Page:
Thursday 18 May 2017

TV Times 20th May 1967

A selection of articles and adverts from TV Times for the week beginning 20th May 1967.

Lanning at Large - Up With The Cup!

It's FA Cup Final week and ITV are covering it - Tottenham Hotspurs and Chelsea. The BBC will be broadcasting the match too. Not many club matches were broadcast on television at all as there were still concerns about match attendance numbers. But the FA Cup Final provides the choice of both BBC and ITV's coverage! Dave Lanning's Lanning at Large segment is a regular feature of TV Times and this week he has been to visit the FA Cup trophy.

The location of the cup is top secret so he starts to feel as though he has stepped into a clandestine world. The World Cup was stolen in Britain the previous year so 'big-time soccer is understandably jumpy about its silverware'. Lanning writes, 'no official is permitted to be photographed with the Cup' but fortunately he is not an official and a cheery photo accompanies the article.

Nonetheless, he describes the cup in detail. 'The end of the rainbow is 19in. high, 10in. wide, and weighs 175oz'. For those of you who only do metric, that is 48.26cm high, 25.4cm wide, and just under 5kg. As the cup weighs 11 pounds, Lanning reckons that must be why the players all pass it around so much in the victory lap - 'it gets to be quite a weight for one man to carry for a whole lap, particularly after 90 minutes of flat out football'.  One oddity of the article, and indeed for others of this period, is the interchanging use of 'football' and 'soccer', as we now usually regard the latter as an American word.

Among the facts we learn is the Cup is the third trophy for the FA Cup. The first was stolen in 1895 and the second withdrawn in 1910 after it was found to have been duplicated. Lanning is shocked at the low value of the cup - it is insured for £300, around £5000 today. For scrap silver, it would fetch about £75 (£1250 today). No small sum but perhaps not enough for a cup 'kings, queens, legendary soccer skippers have held'. This trophy would be retired in 1991, after becoming too fragile.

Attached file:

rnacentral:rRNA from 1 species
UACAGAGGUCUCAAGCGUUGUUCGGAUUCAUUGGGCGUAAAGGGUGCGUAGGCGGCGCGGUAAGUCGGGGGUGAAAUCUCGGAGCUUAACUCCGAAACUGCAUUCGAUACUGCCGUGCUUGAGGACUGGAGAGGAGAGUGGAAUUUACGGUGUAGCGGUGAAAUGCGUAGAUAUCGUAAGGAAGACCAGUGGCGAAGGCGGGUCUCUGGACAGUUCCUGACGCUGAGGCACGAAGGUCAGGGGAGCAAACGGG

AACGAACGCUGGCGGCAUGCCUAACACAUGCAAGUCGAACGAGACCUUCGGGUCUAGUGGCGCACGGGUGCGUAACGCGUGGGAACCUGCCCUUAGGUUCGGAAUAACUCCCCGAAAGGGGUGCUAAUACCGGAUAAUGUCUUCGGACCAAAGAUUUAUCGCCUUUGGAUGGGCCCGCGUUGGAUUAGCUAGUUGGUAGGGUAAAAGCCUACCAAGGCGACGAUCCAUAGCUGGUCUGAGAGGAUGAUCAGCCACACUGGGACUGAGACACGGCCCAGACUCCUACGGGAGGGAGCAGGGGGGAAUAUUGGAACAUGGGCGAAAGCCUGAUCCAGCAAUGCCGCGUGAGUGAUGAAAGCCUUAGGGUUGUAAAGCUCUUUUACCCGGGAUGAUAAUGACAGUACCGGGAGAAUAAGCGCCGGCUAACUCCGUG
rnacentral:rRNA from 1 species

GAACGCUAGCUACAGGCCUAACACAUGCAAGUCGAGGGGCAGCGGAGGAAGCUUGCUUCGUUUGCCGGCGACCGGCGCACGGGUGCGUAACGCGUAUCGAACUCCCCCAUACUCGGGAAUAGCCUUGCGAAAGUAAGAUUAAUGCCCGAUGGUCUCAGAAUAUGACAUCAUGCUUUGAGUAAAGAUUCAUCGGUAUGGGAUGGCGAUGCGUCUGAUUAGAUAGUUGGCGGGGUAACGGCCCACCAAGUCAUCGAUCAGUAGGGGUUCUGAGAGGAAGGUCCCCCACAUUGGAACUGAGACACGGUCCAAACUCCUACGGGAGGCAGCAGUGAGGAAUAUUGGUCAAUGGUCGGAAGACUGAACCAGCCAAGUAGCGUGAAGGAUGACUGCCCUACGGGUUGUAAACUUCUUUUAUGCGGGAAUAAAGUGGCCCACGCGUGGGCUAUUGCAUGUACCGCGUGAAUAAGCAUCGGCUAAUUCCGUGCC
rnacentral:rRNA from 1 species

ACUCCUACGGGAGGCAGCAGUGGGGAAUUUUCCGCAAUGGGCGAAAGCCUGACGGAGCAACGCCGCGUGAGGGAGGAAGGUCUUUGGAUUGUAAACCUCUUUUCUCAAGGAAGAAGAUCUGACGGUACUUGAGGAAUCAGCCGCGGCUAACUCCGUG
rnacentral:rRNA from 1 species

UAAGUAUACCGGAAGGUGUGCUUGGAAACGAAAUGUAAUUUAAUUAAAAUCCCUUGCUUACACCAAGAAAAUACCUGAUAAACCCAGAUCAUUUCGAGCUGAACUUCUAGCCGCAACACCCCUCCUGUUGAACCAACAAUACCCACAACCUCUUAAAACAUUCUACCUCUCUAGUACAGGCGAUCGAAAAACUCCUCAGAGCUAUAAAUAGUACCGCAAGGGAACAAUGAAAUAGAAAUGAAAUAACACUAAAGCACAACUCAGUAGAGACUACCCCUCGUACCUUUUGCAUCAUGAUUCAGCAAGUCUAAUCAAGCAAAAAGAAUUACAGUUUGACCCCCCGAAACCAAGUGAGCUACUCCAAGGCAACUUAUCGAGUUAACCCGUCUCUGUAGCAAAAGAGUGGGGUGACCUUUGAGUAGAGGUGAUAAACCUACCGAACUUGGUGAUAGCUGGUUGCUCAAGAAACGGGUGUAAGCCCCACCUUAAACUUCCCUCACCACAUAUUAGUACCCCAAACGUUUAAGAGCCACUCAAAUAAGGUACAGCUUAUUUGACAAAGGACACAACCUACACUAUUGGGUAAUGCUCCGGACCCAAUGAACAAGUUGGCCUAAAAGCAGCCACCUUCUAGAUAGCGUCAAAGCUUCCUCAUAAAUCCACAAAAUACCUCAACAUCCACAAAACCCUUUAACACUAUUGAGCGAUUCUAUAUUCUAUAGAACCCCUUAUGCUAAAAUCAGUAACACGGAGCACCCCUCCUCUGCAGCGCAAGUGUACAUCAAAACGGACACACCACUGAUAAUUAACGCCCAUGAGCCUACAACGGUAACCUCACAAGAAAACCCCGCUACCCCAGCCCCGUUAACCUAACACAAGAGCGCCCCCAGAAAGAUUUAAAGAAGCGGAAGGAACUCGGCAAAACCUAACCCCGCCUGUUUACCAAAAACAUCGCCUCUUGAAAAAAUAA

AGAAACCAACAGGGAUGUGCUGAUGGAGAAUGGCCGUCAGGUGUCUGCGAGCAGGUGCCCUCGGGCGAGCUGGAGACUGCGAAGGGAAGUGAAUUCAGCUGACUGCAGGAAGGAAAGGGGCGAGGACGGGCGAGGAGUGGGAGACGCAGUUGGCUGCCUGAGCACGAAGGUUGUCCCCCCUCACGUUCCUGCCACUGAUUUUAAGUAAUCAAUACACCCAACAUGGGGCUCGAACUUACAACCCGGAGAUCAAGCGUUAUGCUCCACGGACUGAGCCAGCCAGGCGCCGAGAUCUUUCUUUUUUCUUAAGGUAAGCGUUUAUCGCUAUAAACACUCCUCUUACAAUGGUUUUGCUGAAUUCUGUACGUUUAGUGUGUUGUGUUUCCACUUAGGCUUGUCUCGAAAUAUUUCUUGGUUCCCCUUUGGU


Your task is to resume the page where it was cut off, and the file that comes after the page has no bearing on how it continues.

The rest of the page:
We also learn that 'in 1955 Newcastle's jubilant players, about to swig the celebratory champers, found a set of false teeth in the bottom' and 'in 1964 West Ham startled soccer by drinking milk from the Cup'.

I won't spoil the score because you can watch six minutes of highlights below, courtesy of British Pathé. A 'faces in the crowd' section at half time makes it well worth it. Also look out for Tottenham captain, Dave Mackay, kissing goalkeeper, Pat Jennings.


Granada is launching a new programme showcasing talent from the North. It will be a 'nightly three-minute showcase for newcomers'.

First up on Monday is 13-year-old Kathy Jones. The commentator helpfully tells us 'I hate this song' though admits her version 'makes it sound most attractive'. Kathy Jones would later play Tricia Hopkins in Coronation Street from 1973-6 and present A Handful of Songs in 1973.

Two Yorkshire lads, Lenny Westley and Danny Clarke, form Foggy Dew-o. They would release two albums the following year but Lenny then went into hospital with a rare lung disease. Some time after his recovery they started up again and lasted several more years before disbanding in 1973. Fun fact: Danny's real name was Granville.

Jazz-blues seven-piece, (The) John Evan Band, are set to be the most successful as they are the forerunners to Jethro Tull. Ian Anderson gets a credit as 'the composer and bearded vocalist'.

I was unable to find out any information about either Bill Brennan or The Cumbrian Folk so one presumes they found little long-term success from their 15 minutes of fame. This is a shame as I would have liked to have found out more about Bill, 'a contact lens consultant'.


Cliff Richard gets a full page colour photo to tell us his series, Cliff!, is back on Wednesday. We are told little about it with TV Times seeing fit only to give us the most vital information: 'there will be 14 girls - three singers and 11 dancers'.

Armchair Theatre: The Snares of Death

This play starring Richard O'Calloghan and Alfred Burke is described as a black comedy. Set in 1919, it depicts an undertaker in a small town. There are only so many people in a small town and apparently not enough of them are dying so the undertaker (Burke) 'plots a way out of his troubles with a forged death certificate'. Intriguingly, 'the plan takes a macabre twist when Rupert (Callaghan) decides to elaborate on the scheme'.